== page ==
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Papaswamp

Papaswamp
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  • Stock and commodity futures are under significant pressure as a relatively quiet overnight session turns volatile. Dow -0.9% to 10295. S&P -1% to 1093. Nasdaq -1%.
    Crude -1.6% to $72.71. Gold -1.6% to $1,146.
    30-year Tsy +0.6% to 119-27. 10-year +0.56%. 5-year +0.36%. 2-year +0.13%.
    Euro -0.5% vs. dollar. Yen +1.1%. Pound -1%.  [View news story]
    Why is the dollar rising?...there is nothing to back it up...it is so debt laden, backed by other debt laden countries (ex. Japan) it is worthless.

    Plus with the $13 TRILLION the govt has been pumping into the economy...it's like a massive ponzi scheme.


    March 31 (Bloomberg) -- The U.S. government and the Federal Reserve have spent, lent or committed $12.8 trillion, an amount that approaches the value of everything produced in the country last year, to stem the longest recession since the 1930s.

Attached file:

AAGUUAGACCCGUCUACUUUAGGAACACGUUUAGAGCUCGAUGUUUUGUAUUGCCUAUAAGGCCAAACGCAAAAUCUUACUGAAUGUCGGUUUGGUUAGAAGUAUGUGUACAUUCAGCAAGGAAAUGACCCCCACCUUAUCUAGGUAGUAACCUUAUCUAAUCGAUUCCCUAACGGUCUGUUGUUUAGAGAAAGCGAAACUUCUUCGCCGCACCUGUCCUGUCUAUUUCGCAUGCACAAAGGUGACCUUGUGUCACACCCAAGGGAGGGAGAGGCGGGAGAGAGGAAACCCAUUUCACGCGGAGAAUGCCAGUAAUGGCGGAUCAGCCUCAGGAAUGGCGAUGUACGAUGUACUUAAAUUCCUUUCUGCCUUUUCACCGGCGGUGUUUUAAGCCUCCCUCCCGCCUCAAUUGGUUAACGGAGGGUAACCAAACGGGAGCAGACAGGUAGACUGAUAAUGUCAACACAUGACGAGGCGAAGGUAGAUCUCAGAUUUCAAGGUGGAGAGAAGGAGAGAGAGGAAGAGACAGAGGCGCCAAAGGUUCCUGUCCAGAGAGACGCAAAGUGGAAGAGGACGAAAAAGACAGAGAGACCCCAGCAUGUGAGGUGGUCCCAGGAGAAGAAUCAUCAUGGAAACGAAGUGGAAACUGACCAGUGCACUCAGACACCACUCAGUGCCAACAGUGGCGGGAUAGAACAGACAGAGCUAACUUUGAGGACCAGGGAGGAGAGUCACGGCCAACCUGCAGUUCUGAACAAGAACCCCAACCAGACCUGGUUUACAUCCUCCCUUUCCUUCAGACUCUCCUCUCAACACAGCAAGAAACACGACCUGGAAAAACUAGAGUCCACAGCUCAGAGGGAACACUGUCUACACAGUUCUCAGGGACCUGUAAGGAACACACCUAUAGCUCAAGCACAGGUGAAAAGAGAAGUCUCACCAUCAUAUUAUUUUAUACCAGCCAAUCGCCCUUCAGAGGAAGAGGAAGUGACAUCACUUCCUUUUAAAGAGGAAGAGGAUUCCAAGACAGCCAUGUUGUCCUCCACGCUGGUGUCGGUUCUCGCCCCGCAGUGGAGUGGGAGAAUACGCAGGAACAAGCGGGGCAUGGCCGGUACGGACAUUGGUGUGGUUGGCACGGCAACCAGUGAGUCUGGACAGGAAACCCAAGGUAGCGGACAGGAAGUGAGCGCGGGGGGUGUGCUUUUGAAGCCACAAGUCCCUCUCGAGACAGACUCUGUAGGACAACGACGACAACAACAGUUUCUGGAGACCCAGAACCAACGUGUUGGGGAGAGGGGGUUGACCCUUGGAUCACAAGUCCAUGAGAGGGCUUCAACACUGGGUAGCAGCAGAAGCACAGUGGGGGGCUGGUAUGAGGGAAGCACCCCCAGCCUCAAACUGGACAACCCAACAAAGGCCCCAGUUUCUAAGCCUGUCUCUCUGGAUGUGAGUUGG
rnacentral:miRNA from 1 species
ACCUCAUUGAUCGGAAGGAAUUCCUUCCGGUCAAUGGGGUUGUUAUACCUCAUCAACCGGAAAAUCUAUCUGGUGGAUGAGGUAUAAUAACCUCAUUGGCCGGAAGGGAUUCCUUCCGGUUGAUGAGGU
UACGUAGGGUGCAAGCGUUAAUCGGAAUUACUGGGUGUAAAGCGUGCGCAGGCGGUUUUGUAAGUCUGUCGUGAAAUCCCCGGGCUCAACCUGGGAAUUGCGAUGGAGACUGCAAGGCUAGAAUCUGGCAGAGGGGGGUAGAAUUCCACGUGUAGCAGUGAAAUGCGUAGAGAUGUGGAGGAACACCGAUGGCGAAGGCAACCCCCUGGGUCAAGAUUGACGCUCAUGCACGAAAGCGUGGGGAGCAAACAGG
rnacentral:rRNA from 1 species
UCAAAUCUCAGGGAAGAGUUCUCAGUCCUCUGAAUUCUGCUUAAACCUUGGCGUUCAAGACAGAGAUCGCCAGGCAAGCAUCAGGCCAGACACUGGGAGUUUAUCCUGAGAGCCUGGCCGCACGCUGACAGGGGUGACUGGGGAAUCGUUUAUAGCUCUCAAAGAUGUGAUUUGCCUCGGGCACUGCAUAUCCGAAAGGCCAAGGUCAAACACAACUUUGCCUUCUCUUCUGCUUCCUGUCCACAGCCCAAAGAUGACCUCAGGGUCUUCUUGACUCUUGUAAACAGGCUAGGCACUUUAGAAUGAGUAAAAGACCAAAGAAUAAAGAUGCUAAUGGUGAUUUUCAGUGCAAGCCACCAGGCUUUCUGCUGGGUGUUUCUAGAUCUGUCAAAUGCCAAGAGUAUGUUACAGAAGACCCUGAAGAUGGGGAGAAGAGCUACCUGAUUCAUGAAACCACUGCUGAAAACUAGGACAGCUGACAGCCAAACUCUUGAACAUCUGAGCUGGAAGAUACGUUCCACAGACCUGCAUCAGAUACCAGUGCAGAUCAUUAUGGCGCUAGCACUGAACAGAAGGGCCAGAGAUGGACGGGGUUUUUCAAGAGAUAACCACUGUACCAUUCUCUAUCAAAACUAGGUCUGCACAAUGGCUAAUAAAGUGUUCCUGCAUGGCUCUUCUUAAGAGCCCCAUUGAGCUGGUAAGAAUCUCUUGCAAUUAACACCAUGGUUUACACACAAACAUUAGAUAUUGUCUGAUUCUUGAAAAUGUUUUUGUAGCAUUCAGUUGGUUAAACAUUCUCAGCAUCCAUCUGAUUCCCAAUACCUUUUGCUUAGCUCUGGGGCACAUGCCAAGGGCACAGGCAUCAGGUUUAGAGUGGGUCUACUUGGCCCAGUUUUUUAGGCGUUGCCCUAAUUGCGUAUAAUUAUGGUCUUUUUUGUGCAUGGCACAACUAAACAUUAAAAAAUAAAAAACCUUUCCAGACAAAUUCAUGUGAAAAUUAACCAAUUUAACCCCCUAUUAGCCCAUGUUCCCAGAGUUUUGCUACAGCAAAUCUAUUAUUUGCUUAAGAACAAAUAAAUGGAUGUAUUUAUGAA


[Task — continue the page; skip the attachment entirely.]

New pledges from the Fed, the Treasury Department and the Federal Deposit Insurance Corp. include $1 trillion for the Public-Private Investment Program, designed to help investors buy distressed loans and other assets from U.S. banks. The money works out to $42,105 for every man, woman and child in the U.S. and 14 times the $899.8 billion of currency in circulation. The nation’s gross domestic product was $14.2 trillion in 2008.
    Dec 8, 2009. 08:43 AM | Likes Like |Link to Comment
  • Sources say U.S. pay czar Kenneth Feinberg will exempt some AIG (AIG) executives from a $500,000 salary cap after at least five employees threatened to quit. Feinberg said in October (.pdf) base salaries wouldn't exceed $500K except in cases where there was "good cause" to pay more.  [View news story]